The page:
Prime spot: The Datai is tucked away on a crescent of sand on the Andaman Sea

Prime spot: The Datai is tucked away on a crescent of sand on the Andaman Sea

Prime spot: The Datai is tucked away on a crescent of sand on the Andaman Sea

We spot a male and wait for him to visit his nesting partner, bringing her the choicest fruit he can find. She has enclosed herself in the hollow of a tree, but the cautious bird, having spotted our presence, does not want to reveal its location.

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When I do see one it is by chance, over breakfast.

An oriental pied hornbill is making a flurry of trips to a keruing tree by the main pool.

It starts a rush for cameras among guests – and opens up opportunities for the thieving macaques.

Teresa tries the freshest catch – grouper, snapper, pomfret – for lunch at the Beach Club, pictured above

Teresa tries the freshest catch – grouper, snapper, pomfret – for lunch at the Beach Club, pictured above

Teresa tries the freshest catch – grouper, snapper, pomfret – for lunch at the Beach Club, pictured above

A walk through the ten million-year-old rainforest with nature centre manager Dev Dass reveals more wonders.

Trying not to trip over roots in the shaded forest floor, I see tiny orchids and hardwoods rising over 100 ft.

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Wedged in the cleft of one tree, a rare colugo – the only ‘flying’ primate – slumbers, his fur blending with the bark.

‘Poachers hunt for critically endangered animals and cut down precious agar trees as the wood fetches £2,500 per kilo,’ says Dev. ‘We employ 35 security guards to protect our rainforest.’

Cheeky: Teresa discovers that macaques (pictured) roam the resort, waiting to get into guest rooms and raid the minibar

Cheeky: Teresa discovers that macaques (pictured) roam the resort, waiting to get into guest rooms and raid the minibar

Cheeky: Teresa discovers that macaques (pictured) roam the resort, waiting to get into guest rooms and raid the minibar

Teresa spies an oriental pied hornbill, like the one pictured here, making a flurry of trips to a keruing tree by the main pool

Teresa spies an oriental pied hornbill, like the one pictured here, making a flurry of trips to a keruing tree by the main pool

Teresa spies an oriental pied hornbill, like the one pictured here, making a flurry of trips to a keruing tree by the main pool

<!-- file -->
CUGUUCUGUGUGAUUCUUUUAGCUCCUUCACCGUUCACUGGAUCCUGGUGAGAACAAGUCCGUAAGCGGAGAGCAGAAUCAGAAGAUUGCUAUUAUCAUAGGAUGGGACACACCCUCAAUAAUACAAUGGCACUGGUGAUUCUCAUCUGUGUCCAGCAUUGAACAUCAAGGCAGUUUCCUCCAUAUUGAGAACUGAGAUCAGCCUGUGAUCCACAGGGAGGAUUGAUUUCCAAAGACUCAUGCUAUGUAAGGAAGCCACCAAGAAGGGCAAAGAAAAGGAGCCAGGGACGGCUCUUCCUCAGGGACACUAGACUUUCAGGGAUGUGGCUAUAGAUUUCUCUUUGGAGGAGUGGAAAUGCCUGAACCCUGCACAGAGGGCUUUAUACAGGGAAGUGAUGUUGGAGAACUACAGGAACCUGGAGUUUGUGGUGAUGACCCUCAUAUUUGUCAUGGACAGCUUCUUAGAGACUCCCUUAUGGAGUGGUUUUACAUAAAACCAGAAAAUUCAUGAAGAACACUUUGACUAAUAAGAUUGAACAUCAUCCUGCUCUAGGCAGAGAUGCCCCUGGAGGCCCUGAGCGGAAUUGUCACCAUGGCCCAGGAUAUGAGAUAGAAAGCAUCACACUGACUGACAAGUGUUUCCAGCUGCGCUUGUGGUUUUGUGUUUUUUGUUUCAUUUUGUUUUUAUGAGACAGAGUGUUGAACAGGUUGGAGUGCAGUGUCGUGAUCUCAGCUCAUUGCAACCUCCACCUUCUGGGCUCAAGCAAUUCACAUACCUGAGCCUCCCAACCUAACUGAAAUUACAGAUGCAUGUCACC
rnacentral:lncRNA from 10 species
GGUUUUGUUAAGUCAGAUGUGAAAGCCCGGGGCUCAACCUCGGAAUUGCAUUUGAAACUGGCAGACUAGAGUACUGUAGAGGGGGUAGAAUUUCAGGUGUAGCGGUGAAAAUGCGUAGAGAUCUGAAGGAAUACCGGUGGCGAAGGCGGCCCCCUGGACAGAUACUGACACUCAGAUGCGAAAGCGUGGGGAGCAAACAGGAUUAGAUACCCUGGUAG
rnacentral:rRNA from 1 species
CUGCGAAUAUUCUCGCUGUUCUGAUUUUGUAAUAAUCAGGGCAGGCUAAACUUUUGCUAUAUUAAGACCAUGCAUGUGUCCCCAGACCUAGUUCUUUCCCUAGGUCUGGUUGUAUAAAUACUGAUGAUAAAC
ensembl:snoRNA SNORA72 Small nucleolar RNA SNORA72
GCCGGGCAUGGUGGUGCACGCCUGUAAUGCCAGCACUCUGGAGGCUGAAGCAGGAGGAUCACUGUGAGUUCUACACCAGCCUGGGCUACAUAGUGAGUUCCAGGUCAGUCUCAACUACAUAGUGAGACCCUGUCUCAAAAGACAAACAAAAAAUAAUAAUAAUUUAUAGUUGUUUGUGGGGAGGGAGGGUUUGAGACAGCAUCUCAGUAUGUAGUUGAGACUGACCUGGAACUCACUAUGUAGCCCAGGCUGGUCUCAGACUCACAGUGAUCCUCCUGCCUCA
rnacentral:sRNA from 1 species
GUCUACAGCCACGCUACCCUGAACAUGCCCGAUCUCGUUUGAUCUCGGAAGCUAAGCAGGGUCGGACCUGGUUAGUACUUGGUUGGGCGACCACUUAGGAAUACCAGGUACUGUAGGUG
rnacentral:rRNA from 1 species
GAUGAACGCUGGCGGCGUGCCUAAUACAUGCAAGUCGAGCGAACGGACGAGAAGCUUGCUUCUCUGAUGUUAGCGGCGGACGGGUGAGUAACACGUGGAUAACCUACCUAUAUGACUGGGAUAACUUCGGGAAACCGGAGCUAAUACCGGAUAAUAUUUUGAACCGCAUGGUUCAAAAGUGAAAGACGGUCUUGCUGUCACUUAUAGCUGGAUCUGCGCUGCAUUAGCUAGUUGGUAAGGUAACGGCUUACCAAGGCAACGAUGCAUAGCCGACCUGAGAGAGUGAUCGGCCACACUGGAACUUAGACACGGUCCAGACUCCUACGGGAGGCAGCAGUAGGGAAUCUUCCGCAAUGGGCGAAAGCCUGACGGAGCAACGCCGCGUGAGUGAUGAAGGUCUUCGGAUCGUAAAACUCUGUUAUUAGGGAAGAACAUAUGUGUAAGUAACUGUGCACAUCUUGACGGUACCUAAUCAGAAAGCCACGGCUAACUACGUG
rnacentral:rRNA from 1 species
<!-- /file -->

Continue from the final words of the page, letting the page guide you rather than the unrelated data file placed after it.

It is midday now and I have an appointment to go kayaking in the mangroves.

Through a narrow channel I paddle into another world – sun-dappled and still but for the insistent whirr of cicadas and the squawk and trill of birds. I glide and duck under branches.

A collared kingfisher takes flight as a spectacled langur leaps through the canopy. Less cuddly are reticulated pythons, which also haunt the mangroves.

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The next day, I feel the call of the ocean. I have the freshest catch – grouper, snapper, pomfret – for lunch at the Beach Club.

As the tide ebbs, I watch tiny sand bubbler crabs set to work, creating their granular artworks, like a mantilla of lace.

‘Heaven is under our feet as well as over our heads,’ proclaimed American naturalist Henry David Thoreau. I would agree with that.

TRAVEL FACTS 

Seven nights’ B&B at The Datai Langkawi from £2,249pp, including flights, transfers and lounge passes (elegantresorts.co.uk). Malaysia Airlines flies from London to Kuala Lumpur from £749 return (malaysiaairlines.com).

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Covid ‘pandemic babies’ show two ‘fascinating’ biological changes, study finds

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  • Babies born during pandemic-era lockdowns have an altered gut microbiome
  • Only 17% of infants born during lockdown needed antibiotics by one year of age
  • READ MORE:  DO YOU have tokophobia? Experts explain Helen Mirren’s fear